MEXICO City, Mexico — Citing it as a “solution powered to support nearshoring and the increase in made-to-order production,” Lectra, a technology company that specializes in CAD software and CAM cutting-room systems for industries that use leather or textiles, expanded the company’s Furniture on Demand program to Mexico earlier this year, and Leonard Marano, president, Americas, said that the expansion is allowing furniture suppliers to take advantage of Lectra’s turnkey solution for more efficient workflow.
“The furniture industry has undergone a major transformation post pandemic as more and more products are being made to order and customization continues to grow in importance for consumers,” Marano said in a previous interview. “As a result of this increase in demand, customers in all markets are rethinking their supply chain and turning to Industry 4.0 solutions such as Furniture On Demand, an answer to the economic complexities currently faced by the industry all the while improving speed, quality and traceability in the entirety of the manufacturing process.”
Marano explained that Lectra has an office in Mexico City that handles sales and customer support, as well as a “world-class software training facility at the Canaive in conjunction with the Mexico City Chamber of Commerce.” He added that from an operations standpoint, Lectra has distribution throughout Mexico where the company stocks critical parts and consumables to quickly fill customers’ needs.
“We have hundreds of companies in Mexico utilizing Lectra solutions,” Marano said. “Most are doing traditional mass production; however, we do see it slowly moving toward more customization and on-demand production thus the expansion of the Furniture on Demand to Mexico.”
Officials said that Furniture On Demand leverages Industry 4.0 technology in order to further streamline processes for Mexico based manufacturers by automatically capturing styles, materials and components information of the product, directly from the customer’s order and assisting in the production process from start to finish. Officials noted that a sampling of 4.0 features includes:
- Automation handles repetitive everyday tasks. Manufacturers are now able to automate the pairing of multiple orders for max fabric yield, the cutting of plain fabric and fabric management, helping increase the overall speed of production .
- The digital fabric library can instantly pull order fabric and its specifications for quick processing.
- Order system integration quickly pulls all pieces of the order — pattern, fabric, configuration — and sends to cutting in a matter of minutes.
- Optimized cost per piece: Next generation part nesting and automated markers with real fabric width use the power of cloud computing to ensure maximum fabric yield, quality and savings. By manufacturing after order reception, furniture companies can avoid overstocking their inventories and reduce waste, all the while increasing their sustainability efforts. Companies will also be able to actively combat labor shortages currently facing the industry by limiting the dependence on expertise thanks to digitalizing manual tasks.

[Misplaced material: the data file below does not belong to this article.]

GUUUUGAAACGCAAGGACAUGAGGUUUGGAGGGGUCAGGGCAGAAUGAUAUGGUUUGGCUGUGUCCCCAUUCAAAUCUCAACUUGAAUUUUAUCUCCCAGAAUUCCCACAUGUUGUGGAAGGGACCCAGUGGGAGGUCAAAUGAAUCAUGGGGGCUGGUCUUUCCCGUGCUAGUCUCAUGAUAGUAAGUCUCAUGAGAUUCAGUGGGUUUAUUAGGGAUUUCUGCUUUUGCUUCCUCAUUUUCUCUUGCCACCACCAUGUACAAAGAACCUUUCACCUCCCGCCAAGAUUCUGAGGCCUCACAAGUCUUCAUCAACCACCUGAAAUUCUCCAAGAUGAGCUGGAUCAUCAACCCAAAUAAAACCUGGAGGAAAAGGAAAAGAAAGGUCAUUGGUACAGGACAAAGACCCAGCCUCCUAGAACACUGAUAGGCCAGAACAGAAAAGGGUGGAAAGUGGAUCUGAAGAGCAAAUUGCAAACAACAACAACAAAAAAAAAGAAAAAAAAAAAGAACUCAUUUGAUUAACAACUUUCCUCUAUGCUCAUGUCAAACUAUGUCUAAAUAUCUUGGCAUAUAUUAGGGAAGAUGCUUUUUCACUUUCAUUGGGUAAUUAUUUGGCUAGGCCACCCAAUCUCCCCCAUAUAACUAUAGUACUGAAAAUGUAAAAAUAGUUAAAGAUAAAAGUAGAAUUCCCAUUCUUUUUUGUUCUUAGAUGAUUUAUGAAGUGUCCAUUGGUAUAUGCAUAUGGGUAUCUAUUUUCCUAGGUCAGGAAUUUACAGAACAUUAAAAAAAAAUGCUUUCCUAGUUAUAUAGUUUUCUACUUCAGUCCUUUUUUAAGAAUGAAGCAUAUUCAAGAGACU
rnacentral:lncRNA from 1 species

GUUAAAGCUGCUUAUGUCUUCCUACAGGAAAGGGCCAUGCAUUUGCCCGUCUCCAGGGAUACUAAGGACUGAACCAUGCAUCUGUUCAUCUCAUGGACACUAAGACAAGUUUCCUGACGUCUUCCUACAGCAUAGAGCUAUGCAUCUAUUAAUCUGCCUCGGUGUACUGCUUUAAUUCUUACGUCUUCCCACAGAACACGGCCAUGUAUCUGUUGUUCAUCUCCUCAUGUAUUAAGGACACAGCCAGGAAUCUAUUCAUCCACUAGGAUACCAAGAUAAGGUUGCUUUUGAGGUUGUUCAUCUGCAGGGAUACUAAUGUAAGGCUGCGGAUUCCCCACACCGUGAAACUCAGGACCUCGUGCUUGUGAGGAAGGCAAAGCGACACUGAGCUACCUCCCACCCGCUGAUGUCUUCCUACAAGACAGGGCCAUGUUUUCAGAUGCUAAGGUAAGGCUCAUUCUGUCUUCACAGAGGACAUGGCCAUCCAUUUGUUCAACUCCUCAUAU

“In the U.S., we have customers that are ranging from 5% to 20% (cost savings) regarding material and overall efficiency,” Marano said. “The real power of the solution is when a customer connects it their ERP to automatically pull and process orders eliminating labor and processing time. Many times, this can reduce a process that may take up to a week down to minutes.
“In addition, the Lectra Platform digitalizes the cutting room and automates a lot of the steps required to ensure that the right parts are cut properly from the right fabric as quickly as possible,” he said. “When a customer is presented with Furniture On Demand, we work with them to understand their processes, cost structure and data to put together a business case that is very specific to them that quantifies the savings and return on investment.”
In addition to cost savings, Lectra’s Furniture on Demand solution can also help manufacturers address sustainability and eco-friendly initiatives, Marano said.
“The Furniture on Demand cuts energy consumptions roughly in half with initial studies that includes clients and the solution does not use paper or plastic,” he said. “To date, 95% of our components for the Cestas production site come from European suppliers. As the only company in our sector with three manufacturing sites (in China, the U.S. and France), our focus is to manufacture a majority of our solutions locally and ensure that the transportation phase is green as well.
“To reduce our CO2 emissions, we group deliveries, select the most carbon efficient routes, and favor maritime transport,” he concluded. “In 2023-2025, we will go further. We will be taking a systematic approach to our eco-conscious practices by defining criteria and objectives for each component in our products throughout its life cycle, including end-of-life recycling.”